Choosing the right plants
Picking the best plants for your home is about more than just deciding which ones you like the look of. It’s a good idea to take the time to choose your greenery carefully, as this can save you wasted money and disappointment later on. Most indoor plants will want somewhere nice and bright to help them grow. But if your home has low levels of light or you’re starting out in winter, there are plenty of plants that can do well in shadier spots.
The heart-leaf philodendron and the cast iron plant are two good examples of indoor greenery that don‘t need much light. Another is Zamioculcas zamiifolia, better known as the ZZ plant – no, it doesn’t have a beard or cheap sunglasses, but it is incredibly easy to look after. And talking of low-maintenance plants that are ideal for beginners, regardless of your home’s light levels, why not check out spider plants, peace lilies or succulents?
Location, location, location
It’s important to consider which rooms you want to put your plants in. If you have a room that gets very cold, it’s unlikely to be a good environment for growing things. Humidity is another consideration: a lot of house plants thrive in humid conditions, and will do well in bathrooms or kitchens. If you’re thinking of placing any moisture-loving plants elsewhere, a regular misting of their leaves with water from a spray bottle will keep them happy and healthy.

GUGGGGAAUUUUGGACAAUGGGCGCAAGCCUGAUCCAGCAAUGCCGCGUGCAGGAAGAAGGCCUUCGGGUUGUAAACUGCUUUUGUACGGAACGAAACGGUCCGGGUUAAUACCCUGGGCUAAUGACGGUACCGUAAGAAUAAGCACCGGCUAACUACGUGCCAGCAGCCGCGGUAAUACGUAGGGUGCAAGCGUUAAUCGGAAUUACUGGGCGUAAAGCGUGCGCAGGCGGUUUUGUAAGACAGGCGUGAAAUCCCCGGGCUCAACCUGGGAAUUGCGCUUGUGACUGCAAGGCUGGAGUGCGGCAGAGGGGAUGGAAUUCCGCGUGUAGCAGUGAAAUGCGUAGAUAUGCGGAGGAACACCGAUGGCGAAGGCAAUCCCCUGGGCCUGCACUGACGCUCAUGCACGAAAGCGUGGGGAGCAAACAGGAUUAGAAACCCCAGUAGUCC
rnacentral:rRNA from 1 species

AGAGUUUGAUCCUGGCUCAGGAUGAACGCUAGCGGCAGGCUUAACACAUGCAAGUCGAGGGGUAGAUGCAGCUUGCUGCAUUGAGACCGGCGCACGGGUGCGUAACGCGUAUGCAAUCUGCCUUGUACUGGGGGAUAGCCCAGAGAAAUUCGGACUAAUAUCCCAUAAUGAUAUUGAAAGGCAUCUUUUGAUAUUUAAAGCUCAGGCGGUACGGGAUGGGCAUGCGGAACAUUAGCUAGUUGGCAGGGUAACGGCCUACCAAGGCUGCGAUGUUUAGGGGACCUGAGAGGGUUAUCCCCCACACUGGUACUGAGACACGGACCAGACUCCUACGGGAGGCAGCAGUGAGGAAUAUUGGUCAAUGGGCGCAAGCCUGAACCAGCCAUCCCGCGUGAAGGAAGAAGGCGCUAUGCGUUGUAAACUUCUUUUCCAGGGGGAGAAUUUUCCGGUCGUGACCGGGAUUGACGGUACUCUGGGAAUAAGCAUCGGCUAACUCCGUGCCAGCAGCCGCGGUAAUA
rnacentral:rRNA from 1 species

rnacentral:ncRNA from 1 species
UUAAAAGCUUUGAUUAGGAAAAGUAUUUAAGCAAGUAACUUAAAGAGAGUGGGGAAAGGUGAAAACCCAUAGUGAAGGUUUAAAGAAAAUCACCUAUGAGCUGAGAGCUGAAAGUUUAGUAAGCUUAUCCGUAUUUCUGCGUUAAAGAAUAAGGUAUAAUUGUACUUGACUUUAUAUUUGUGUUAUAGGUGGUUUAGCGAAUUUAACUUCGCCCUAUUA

Are the leaves on your house plants looking a little bit limp or yellow? It’s often worth moving them somewhere with different light or humidity levels and seeing how they fare in their new home.
Looking after your plants
Your plants need water to grow, so regular watering is a must, and adding some plant food every fortnight is also a good idea. But it’s also important not to over-water, as this can be harmful to your plants – you might want to try watering in steps and letting it soak into the soil before adding more. Some house plants, like cacti or aloe vera, don’t need much watering at all, making them ideal for novices.
All living plants will eventually outgrow their pots and need repotting to keep them healthy. Telltale signs to look out for include the plant rising out of its container or the roots showing through the drainage holes at the bottom. Repotting is as simple as adding a layer fresh of compost to a slightly larger pot, transferring the plant over and filling any gaps with more potting mix before watering.
Feeling inspired to bring a little of the outdoors into your home? If you’re ready to start your own indoor garden, why not check out the wide range of plant listings on Gumtree?